But overall, I don’t like the fact that I’m driving and burning up gas. I try to allay my environmental guilt by reminding myself I spent nearly my entire adulthood up to this point not driving, relying on public transit and avoiding car ownership. But still, at a time when gas prices are so high and the impact of our consumption on the environment is so apparent, being a driver smarts, especially living in a town whose public transportation is shamefully paltry.

But the strangest thing about driving is being confronted with the darker thoughts and misanthropic impulses that seem to float up into my consciousness whenever I’m behind the wheel. I get angrier more often; I can’t believe how judgmental I am. I get so irritated at how badly people drive, what poor manners they have on the road, and in my head I deliver these intense lectures on cell phone use while driving. (Also: I really don’t understand why people love to cut across two or three lanes to rush to the left-hand turn lane.) I can feel my temper inside of me flaring up, stinging me with spiky little thorns every time I suppress my desire to lash out over some perceived transgression or another.

At night when I drive, my imagination becomes baroque, wild, and very catastrophic: a car pulls out of a quiet neighborhood and I’m convinced they’ve robbed and murdered someone. A sedan with darkened windows in the lane next to me is going to carjack me — a plastic bag slumped at the side of the road contains a severed head. And sometimes, as I speed down the road looking out through the windshield at the road spread out in front of me, I feel as if I’ve been cut off from the world, trapped behind a glass jar with just my music. Wafting in an airless world: cut off, detached, rigidly clasping at the wheel as I drift in the strange chamber that is my life on the road.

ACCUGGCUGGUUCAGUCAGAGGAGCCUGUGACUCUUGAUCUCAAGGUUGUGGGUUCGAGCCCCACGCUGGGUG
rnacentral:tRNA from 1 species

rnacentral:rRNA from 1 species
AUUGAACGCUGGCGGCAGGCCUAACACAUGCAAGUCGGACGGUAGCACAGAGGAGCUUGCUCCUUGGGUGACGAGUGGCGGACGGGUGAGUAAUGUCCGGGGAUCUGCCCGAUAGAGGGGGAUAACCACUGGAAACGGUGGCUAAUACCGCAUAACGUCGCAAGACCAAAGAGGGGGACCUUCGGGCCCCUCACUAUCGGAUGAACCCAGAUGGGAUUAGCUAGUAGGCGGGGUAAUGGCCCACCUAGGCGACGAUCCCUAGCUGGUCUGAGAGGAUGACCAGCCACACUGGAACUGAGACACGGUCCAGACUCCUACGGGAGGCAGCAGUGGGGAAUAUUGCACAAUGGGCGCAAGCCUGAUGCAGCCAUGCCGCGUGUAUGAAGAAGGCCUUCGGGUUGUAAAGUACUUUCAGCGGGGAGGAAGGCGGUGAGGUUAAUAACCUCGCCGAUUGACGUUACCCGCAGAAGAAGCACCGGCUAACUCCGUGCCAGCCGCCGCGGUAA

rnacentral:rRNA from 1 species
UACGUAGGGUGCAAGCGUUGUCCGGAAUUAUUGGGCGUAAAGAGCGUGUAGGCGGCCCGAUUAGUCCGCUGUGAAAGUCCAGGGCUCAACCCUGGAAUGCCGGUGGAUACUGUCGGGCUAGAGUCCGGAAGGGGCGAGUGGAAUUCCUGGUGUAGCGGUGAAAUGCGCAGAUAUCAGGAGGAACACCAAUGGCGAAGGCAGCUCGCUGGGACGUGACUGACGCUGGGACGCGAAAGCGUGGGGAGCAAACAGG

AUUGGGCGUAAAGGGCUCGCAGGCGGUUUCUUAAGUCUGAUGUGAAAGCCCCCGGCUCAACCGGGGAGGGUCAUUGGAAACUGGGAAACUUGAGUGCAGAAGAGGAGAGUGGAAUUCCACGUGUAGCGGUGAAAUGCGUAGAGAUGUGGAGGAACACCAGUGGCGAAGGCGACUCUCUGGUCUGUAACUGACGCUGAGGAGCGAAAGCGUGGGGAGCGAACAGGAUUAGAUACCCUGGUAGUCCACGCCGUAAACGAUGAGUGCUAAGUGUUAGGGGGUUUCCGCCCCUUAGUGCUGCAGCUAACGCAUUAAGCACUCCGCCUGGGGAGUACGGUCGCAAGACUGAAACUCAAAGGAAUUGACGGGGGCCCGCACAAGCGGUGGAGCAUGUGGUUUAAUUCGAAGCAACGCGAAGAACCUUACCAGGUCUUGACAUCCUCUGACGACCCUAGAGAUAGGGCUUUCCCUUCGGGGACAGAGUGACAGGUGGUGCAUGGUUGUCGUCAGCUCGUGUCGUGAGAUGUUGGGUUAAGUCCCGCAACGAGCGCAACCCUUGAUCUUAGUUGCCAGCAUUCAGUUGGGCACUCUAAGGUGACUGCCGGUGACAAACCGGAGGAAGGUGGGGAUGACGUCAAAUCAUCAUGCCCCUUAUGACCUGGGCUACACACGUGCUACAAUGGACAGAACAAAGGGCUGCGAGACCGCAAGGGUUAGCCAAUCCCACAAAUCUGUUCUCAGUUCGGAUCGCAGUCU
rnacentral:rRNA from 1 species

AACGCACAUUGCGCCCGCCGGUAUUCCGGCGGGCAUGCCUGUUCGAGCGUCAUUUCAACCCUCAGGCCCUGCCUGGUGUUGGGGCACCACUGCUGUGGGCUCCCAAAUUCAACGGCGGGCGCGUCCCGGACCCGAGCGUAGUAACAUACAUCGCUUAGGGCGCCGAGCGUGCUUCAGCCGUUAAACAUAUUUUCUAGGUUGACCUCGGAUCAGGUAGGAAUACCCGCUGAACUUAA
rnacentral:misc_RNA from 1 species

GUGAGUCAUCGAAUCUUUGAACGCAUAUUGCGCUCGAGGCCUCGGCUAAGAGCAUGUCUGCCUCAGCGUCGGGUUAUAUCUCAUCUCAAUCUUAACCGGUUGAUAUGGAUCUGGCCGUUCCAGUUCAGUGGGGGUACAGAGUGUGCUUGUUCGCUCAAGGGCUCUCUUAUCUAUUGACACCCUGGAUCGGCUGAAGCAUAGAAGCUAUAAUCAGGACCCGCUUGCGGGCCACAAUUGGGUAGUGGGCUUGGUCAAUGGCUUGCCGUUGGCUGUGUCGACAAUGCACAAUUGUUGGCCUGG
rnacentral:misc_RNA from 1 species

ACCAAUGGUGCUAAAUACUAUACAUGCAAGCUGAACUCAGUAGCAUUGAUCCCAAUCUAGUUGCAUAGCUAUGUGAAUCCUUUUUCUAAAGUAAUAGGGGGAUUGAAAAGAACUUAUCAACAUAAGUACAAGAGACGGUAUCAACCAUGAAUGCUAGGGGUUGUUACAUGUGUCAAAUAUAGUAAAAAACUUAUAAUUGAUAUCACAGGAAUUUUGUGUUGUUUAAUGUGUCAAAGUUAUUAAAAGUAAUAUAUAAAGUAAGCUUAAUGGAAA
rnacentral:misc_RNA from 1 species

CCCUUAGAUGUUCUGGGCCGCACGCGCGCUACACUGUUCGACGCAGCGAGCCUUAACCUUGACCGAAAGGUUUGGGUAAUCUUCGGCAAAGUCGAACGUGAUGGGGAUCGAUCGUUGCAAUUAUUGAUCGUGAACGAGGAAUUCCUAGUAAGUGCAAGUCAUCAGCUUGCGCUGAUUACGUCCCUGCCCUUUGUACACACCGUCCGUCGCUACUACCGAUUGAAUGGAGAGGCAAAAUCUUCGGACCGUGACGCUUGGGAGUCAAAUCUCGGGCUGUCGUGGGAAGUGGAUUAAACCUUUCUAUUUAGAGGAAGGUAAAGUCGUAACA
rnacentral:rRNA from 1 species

But then I roll the windows down, air fluttering in as the music plays louder, letting the world in even as I speed through it. Most car rides are short; so are my excursions through the dark, jarringly violent corners of my imagination, thank goodness.